Unlike the environmentally conscious, fuel-sipping, ultra-low emissions, and utterly boring "hybrid" cars of today, a whole different group deserved that name in the 1960s.
They consisted of European sports cars that fell into the hands of cottage industry "manufacturers," which took Italian and British sports car sophistication (or lack thereof) and shoehorned in American V8 lumps.
The period is the 1960s, so we are skipping cars built by men like Cunningham and Allard, though all these creations used American V8s. Most popular was the lightweight Ford 260/289 V8, although many cars also used Chevrolet small-blocks and Chrysler V8s.
Thanks in great part to Carroll Shelby, British cars with the Ford 260/289 were by far the most successful. In this segment, the players included Shelby's Cobra, the Ford GT40, the Sunbeam Tiger, and the little-known and often misunderstood Griffith 200 and 400 Series. These little bastards were the scrappy kid from down the street who could beat up anybody, if he could stay out of jail long enough.
Andrew Jackson Griffith-"Jack"-was a high-performance Ford dealer from Long Island, New York, who also sold Jaguars and Shelby Cobras. In fact, Shelby hired Griffith to collect the rolling AC Cobra bodies from the shipping docks and store them at his facility until Shelby had enough cars in New York to fill a transport truck for delivery to California.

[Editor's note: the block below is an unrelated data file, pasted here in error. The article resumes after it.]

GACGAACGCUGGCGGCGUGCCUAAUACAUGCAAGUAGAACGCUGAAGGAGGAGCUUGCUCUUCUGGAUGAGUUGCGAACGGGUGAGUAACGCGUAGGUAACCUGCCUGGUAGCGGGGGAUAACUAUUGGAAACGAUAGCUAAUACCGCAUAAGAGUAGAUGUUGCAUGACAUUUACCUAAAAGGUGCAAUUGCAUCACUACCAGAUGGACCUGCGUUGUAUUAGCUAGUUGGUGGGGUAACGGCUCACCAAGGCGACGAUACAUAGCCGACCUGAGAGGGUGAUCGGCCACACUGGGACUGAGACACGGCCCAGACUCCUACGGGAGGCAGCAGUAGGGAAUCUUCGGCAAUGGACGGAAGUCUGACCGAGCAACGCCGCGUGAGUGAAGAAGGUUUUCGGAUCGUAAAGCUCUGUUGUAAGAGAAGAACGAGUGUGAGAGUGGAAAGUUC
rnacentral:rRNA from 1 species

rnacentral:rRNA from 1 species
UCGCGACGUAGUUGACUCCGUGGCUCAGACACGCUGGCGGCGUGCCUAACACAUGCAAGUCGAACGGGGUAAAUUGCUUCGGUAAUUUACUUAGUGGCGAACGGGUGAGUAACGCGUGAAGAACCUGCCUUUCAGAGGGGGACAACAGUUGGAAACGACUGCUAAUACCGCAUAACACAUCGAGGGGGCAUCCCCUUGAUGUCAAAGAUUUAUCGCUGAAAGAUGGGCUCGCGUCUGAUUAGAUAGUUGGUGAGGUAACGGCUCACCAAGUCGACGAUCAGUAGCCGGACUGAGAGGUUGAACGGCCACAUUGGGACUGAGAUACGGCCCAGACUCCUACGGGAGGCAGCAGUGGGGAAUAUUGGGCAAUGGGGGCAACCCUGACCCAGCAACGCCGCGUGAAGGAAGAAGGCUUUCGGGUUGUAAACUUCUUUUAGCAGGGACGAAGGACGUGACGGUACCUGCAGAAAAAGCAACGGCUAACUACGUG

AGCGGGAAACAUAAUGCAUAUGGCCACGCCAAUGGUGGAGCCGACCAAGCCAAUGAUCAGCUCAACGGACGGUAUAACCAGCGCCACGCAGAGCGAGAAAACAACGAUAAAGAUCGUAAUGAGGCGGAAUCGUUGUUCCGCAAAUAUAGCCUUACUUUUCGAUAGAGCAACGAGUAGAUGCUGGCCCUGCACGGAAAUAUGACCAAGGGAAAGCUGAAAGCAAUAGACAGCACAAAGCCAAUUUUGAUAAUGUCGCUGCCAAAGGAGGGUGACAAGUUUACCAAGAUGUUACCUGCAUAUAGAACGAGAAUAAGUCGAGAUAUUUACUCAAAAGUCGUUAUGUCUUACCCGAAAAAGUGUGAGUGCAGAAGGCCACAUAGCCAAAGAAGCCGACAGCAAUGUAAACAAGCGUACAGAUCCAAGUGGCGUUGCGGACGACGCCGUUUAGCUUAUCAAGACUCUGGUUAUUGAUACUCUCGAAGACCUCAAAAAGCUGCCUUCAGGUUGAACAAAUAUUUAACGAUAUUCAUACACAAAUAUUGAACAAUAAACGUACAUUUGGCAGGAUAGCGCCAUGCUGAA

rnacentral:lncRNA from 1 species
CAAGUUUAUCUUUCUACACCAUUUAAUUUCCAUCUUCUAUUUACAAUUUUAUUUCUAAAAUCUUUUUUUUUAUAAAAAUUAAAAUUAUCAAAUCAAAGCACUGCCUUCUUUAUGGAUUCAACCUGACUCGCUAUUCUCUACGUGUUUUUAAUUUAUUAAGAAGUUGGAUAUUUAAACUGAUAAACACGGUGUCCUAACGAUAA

Griffith even purchased an early competition Cobra, which he campaigned with Bob Brown, Jr., Bob Johnson, and Mark Donohue as drivers. About this time, Griffith was shown a TVR Grantura Mk III by friend Gary Sagerman.
Intrigued by the Grantura, and surrounded by a garage full of AC bodies waiting for Ford V8s, the entrepreneurial light bulb in Griffith's head likely got powered up. An idea was born, and soon one of Donohue's spare Cobra engines was being test fitted into Sagerman's car.
Convinced it would work, Griffith cut a deal with TVR to supply modified Granturas, minus engines and transmissions, and then contracted with Ford to supply 289-ci engines and 4-speed "Toploader" transmissions. The final ingredient was for Griffith to lease a "factory" in Syosset, NY-all you needed in 1964 to be considered a manufacturer.
Fairly well-developed, albeit crude
The TVR Grantura that Griffith used was a fairly well-developed sports car, if a bit crude. With a fiberglass body, a full tubular frame, four-wheel independent suspension, and disc brakes all around, it was an extremely light (1,500 lb), well-handling car, perfectly suited for the 4-cylinder MG B motor that TVR used.
In order to shoehorn the Ford V8 into it, TVR supplied Griffith with modified cars; the main chassis tubes were nine inches farther apart, the front suspension pickup points were strengthened, and the lower tube frame crossmember was moved six inches forward to clear the Ford oil pan.
Back in Syosset, the frame tubes that wouldn't clear the Ford starter were beaten into submission with a 16-lb sledgehammer (concours Griffith restorers, take note). In March 1964, Jack Griffith announced the end result-the Griffith 200-named for the 200-hp the Ford engine produced.
On paper, this made for a fantastic performer. The Ford engine added only 75 lb, and retaining the MG B rear axle, with its 4.11:1 ratio, promised stunning performance, a fact not lost on Griffith's ad copywriters at the time.
Original advertisements quoted sub-4-second 0-60 mph times, with a top speed "in excess of 150 mph." Curb weight was reported as 1,485 lb, although 1,700 lb is closer to the truth. Base price for a Griffith 200 was $3,995, with the 271-hp Ford "Hi-Po" 289 engine available for an extra $495. Styling was debatable, with its Virgil Exner-esque tail and squashed frog front. But somehow it fit the quirkiness of the car.